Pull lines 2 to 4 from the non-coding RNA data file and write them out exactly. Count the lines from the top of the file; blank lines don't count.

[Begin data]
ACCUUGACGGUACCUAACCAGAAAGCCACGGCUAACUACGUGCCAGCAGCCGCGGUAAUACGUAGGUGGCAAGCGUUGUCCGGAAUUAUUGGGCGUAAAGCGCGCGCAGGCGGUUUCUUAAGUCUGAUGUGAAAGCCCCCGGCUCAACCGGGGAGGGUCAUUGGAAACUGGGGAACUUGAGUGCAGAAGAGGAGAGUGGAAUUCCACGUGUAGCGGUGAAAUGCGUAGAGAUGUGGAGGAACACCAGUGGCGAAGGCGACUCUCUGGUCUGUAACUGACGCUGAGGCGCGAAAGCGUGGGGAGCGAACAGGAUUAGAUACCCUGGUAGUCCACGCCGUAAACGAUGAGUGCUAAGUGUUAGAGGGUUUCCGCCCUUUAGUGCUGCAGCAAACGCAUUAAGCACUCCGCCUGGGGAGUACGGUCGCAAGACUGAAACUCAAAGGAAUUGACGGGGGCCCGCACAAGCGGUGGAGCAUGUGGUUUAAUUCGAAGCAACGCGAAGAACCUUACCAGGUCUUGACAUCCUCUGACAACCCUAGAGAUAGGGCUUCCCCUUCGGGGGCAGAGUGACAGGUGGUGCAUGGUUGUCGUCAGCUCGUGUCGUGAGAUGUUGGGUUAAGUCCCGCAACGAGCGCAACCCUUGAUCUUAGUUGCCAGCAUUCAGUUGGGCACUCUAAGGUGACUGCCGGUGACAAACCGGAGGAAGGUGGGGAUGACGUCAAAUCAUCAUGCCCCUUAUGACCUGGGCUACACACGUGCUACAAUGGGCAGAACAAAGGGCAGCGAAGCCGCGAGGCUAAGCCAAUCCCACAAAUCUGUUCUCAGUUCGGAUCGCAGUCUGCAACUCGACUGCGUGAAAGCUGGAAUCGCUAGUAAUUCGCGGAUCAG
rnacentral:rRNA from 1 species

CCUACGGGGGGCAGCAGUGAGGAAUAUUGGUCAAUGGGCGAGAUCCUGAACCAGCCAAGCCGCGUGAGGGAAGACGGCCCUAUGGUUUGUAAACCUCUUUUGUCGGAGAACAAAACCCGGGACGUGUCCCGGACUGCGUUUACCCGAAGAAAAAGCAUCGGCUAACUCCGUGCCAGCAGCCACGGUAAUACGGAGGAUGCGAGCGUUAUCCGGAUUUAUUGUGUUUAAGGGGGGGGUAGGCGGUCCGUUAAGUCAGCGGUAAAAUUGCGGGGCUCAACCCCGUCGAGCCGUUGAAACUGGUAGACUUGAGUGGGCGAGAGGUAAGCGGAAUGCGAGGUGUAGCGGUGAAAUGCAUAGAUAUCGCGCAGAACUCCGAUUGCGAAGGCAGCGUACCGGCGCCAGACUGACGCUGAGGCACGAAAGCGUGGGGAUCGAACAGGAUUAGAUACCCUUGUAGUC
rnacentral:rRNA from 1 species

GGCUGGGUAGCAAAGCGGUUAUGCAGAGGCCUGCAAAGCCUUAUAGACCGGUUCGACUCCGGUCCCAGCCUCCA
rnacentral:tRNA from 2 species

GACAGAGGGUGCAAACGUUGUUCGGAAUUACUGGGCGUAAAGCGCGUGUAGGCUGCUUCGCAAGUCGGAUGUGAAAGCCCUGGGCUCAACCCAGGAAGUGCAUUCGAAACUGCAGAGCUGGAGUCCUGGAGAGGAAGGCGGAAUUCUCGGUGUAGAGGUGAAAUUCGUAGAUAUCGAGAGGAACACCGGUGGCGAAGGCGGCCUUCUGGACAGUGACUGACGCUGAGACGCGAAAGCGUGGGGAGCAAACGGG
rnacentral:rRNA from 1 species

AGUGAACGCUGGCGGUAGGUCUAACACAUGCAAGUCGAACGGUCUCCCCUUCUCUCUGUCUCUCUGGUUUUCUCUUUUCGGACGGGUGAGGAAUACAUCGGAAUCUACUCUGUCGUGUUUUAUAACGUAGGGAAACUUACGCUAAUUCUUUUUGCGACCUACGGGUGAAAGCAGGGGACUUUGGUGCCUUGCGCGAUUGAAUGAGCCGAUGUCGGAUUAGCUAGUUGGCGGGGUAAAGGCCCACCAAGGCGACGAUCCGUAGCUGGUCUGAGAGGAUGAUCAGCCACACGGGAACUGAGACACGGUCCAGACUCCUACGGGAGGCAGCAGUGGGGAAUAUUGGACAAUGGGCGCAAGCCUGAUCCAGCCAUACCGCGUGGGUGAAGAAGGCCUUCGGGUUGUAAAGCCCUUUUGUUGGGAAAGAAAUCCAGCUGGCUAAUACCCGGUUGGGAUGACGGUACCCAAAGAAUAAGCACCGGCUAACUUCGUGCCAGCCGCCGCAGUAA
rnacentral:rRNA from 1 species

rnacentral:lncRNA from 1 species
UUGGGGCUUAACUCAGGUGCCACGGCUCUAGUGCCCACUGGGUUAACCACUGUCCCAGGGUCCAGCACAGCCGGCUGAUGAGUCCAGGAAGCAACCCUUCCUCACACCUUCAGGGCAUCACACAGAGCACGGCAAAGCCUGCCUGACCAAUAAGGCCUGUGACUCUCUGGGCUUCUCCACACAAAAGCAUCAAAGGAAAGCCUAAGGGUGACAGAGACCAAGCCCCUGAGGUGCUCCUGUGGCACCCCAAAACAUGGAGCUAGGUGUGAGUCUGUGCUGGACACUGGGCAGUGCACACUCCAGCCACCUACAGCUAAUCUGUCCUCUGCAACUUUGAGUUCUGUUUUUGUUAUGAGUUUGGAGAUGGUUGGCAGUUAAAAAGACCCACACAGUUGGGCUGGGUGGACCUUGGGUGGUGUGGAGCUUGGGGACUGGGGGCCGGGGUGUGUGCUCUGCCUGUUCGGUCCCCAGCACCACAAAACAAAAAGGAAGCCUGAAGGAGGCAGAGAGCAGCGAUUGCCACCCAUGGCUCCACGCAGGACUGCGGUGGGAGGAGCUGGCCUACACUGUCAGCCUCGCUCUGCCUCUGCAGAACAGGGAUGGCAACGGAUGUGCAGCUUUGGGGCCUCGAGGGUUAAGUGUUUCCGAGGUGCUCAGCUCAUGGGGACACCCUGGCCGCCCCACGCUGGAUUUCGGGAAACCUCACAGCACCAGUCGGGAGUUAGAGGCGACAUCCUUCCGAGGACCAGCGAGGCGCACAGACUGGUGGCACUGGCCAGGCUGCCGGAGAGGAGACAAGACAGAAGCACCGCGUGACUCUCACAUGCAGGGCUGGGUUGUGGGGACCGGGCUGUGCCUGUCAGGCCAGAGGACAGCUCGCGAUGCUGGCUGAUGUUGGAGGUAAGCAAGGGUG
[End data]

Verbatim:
rnacentral:rRNA from 1 species

CCUACGGGGGGCAGCAGUGAGGAAUAUUGGUCAAUGGGCGAGAUCCUGAACCAGCCAAGCCGCGUGAGGGAAGACGGCCCUAUGGUUUGUAAACCUCUUUUGUCGGAGAACAAAACCCGGGACGUGUCCCGGACUGCGUUUACCCGAAGAAAAAGCAUCGGCUAACUCCGUGCCAGCAGCCACGGUAAUACGGAGGAUGCGAGCGUUAUCCGGAUUUAUUGUGUUUAAGGGGGGGGUAGGCGGUCCGUUAAGUCAGCGGUAAAAUUGCGGGGCUCAACCCCGUCGAGCCGUUGAAACUGGUAGACUUGAGUGGGCGAGAGGUAAGCGGAAUGCGAGGUGUAGCGGUGAAAUGCAUAGAUAUCGCGCAGAACUCCGAUUGCGAAGGCAGCGUACCGGCGCCAGACUGACGCUGAGGCACGAAAGCGUGGGGAUCGAACAGGAUUAGAUACCCUUGUAGUC
rnacentral:rRNA from 1 species